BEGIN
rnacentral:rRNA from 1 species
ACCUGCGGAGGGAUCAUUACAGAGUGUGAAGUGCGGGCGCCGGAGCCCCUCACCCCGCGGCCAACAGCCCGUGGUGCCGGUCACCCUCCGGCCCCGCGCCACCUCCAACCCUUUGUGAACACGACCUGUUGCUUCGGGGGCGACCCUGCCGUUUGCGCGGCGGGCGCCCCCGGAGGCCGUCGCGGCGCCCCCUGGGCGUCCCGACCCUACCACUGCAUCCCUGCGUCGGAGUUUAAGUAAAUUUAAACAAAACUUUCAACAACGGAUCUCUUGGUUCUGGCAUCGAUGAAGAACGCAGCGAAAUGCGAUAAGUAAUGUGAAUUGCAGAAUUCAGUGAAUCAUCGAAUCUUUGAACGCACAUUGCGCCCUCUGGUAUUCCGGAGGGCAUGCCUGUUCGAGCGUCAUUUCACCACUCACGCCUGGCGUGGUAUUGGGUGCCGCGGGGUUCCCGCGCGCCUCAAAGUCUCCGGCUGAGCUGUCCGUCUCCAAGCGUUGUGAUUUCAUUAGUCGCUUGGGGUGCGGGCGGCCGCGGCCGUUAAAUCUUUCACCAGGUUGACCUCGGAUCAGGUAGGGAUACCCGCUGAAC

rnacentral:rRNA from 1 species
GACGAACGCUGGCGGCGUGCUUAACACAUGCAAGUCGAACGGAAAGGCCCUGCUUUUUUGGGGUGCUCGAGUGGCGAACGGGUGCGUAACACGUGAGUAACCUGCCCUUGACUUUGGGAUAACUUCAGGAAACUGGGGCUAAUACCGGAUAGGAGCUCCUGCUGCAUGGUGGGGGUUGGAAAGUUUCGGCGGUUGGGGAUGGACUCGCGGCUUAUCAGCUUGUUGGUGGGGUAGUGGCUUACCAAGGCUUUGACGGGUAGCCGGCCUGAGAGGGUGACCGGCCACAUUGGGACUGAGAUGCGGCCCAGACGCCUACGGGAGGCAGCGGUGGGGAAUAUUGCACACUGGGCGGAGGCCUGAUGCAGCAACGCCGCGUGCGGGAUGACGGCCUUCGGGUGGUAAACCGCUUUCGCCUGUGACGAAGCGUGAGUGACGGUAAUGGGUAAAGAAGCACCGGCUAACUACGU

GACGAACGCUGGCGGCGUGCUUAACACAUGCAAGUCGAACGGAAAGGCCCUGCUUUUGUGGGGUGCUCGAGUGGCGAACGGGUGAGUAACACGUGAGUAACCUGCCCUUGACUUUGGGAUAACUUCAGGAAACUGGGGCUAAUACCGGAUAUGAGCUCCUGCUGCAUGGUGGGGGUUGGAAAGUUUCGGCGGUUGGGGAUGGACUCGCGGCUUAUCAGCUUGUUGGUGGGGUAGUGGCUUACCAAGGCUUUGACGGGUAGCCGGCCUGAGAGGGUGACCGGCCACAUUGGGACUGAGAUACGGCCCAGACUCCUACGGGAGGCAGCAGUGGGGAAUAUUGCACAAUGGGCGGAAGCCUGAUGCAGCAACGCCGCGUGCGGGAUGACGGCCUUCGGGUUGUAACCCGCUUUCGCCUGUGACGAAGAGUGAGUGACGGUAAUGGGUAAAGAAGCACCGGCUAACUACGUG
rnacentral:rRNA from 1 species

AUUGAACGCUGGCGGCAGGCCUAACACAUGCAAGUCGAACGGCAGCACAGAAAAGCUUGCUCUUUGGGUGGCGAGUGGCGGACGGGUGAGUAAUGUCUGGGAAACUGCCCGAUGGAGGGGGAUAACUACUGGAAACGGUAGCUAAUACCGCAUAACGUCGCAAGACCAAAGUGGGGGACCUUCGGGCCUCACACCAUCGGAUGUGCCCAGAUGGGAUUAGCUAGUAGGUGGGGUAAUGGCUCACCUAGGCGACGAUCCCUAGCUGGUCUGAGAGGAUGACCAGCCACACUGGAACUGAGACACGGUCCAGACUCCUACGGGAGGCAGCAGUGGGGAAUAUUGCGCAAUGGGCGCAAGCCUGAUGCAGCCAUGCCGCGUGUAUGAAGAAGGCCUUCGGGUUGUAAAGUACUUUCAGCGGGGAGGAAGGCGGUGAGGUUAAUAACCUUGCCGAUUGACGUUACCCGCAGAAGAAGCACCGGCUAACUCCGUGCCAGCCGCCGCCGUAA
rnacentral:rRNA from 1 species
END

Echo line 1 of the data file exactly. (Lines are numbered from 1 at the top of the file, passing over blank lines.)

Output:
rnacentral:rRNA from 1 species